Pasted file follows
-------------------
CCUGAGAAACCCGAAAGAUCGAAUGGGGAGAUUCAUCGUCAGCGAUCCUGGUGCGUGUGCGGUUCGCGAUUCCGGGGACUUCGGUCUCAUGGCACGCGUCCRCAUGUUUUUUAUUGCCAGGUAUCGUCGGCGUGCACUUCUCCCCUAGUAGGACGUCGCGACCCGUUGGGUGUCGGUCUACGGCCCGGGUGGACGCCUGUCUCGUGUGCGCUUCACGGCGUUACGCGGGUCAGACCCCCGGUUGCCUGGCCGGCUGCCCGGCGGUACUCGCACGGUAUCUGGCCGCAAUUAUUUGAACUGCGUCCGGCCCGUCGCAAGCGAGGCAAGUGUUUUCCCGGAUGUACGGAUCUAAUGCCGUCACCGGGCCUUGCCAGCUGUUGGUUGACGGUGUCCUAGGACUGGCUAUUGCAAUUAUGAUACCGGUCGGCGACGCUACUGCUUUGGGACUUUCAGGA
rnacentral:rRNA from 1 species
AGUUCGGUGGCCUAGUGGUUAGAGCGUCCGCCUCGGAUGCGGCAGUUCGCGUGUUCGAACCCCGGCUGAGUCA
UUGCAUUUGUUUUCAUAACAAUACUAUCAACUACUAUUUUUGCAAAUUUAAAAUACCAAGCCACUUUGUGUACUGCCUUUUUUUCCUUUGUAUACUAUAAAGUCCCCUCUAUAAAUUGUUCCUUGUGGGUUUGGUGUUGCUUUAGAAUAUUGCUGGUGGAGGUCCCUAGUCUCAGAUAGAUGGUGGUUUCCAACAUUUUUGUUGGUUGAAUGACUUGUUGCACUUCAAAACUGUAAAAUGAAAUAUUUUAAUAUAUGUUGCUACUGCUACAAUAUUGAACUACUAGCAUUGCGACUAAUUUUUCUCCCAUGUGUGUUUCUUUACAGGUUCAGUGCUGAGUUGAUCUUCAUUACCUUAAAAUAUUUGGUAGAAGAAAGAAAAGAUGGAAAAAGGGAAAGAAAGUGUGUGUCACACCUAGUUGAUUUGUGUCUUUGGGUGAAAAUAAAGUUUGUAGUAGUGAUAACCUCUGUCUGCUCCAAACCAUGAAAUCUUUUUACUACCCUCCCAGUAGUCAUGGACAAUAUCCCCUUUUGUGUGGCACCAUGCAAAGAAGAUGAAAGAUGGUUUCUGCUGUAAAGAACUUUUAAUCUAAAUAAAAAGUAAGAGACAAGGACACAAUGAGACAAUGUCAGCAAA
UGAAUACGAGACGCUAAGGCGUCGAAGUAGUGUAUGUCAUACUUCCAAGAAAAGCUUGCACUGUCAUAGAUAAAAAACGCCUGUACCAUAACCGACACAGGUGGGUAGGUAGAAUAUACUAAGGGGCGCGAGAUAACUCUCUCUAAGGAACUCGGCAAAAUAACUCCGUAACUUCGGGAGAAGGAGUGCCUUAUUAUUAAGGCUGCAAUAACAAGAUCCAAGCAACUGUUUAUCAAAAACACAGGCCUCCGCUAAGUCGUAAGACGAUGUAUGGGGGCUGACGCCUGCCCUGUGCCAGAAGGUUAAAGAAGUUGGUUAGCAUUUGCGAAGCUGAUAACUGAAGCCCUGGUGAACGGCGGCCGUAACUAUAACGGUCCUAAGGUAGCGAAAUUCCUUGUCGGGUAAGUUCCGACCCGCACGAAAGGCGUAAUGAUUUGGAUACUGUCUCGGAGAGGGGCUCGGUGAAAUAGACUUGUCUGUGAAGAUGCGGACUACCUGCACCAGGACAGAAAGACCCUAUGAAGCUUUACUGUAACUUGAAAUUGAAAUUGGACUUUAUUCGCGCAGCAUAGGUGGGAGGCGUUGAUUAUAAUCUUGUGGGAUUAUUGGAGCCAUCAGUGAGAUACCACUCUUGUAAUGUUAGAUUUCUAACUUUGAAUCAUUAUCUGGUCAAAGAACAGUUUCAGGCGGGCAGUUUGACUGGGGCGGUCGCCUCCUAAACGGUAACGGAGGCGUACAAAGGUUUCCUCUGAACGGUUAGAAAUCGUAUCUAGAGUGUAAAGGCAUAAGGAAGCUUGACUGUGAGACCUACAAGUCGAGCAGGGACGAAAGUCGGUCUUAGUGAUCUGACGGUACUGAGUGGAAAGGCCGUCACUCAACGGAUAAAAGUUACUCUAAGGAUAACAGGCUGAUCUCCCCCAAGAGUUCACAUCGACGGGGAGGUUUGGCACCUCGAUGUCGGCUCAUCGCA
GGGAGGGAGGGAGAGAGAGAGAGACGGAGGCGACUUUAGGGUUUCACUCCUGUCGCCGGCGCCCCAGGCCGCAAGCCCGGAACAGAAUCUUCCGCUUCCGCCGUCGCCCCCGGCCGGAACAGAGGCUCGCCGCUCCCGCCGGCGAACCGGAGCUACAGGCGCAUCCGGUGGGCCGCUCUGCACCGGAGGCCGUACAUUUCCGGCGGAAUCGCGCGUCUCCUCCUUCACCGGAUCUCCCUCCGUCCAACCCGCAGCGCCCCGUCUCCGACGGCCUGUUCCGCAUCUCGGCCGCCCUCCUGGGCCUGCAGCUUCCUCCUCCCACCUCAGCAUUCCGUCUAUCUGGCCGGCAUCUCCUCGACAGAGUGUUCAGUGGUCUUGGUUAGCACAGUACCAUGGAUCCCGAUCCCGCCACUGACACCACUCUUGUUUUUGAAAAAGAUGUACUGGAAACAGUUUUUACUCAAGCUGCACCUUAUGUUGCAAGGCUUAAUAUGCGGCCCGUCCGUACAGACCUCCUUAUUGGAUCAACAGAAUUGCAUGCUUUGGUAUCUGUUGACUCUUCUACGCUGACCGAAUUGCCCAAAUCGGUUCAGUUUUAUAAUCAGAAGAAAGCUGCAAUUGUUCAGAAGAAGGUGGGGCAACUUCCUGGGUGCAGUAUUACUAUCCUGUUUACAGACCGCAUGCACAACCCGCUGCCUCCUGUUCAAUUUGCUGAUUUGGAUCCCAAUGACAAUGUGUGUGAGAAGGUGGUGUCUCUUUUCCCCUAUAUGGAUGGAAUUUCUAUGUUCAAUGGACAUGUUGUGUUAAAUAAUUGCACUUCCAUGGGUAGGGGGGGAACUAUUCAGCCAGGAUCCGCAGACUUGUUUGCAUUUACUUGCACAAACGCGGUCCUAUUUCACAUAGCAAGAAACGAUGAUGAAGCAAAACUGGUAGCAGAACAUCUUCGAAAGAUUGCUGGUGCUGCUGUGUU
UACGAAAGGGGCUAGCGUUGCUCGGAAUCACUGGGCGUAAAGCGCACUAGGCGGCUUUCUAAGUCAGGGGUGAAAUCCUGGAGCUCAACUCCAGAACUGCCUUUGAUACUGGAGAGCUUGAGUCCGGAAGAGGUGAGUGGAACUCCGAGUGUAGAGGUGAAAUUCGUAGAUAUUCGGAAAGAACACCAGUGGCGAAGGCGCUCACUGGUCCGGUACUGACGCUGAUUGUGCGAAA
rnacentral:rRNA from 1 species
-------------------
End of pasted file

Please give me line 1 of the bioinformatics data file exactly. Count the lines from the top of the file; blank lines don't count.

CCUGAGAAACCCGAAAGAUCGAAUGGGGAGAUUCAUCGUCAGCGAUCCUGGUGCGUGUGCGGUUCGCGAUUCCGGGGACUUCGGUCUCAUGGCACGCGUCCRCAUGUUUUUUAUUGCCAGGUAUCGUCGGCGUGCACUUCUCCCCUAGUAGGACGUCGCGACCCGUUGGGUGUCGGUCUACGGCCCGGGUGGACGCCUGUCUCGUGUGCGCUUCACGGCGUUACGCGGGUCAGACCCCCGGUUGCCUGGCCGGCUGCCCGGCGGUACUCGCACGGUAUCUGGCCGCAAUUAUUUGAACUGCGUCCGGCCCGUCGCAAGCGAGGCAAGUGUUUUCCCGGAUGUACGGAUCUAAUGCCGUCACCGGGCCUUGCCAGCUGUUGGUUGACGGUGUCCUAGGACUGGCUAUUGCAAUUAUGAUACCGGUCGGCGACGCUACUGCUUUGGGACUUUCAGGA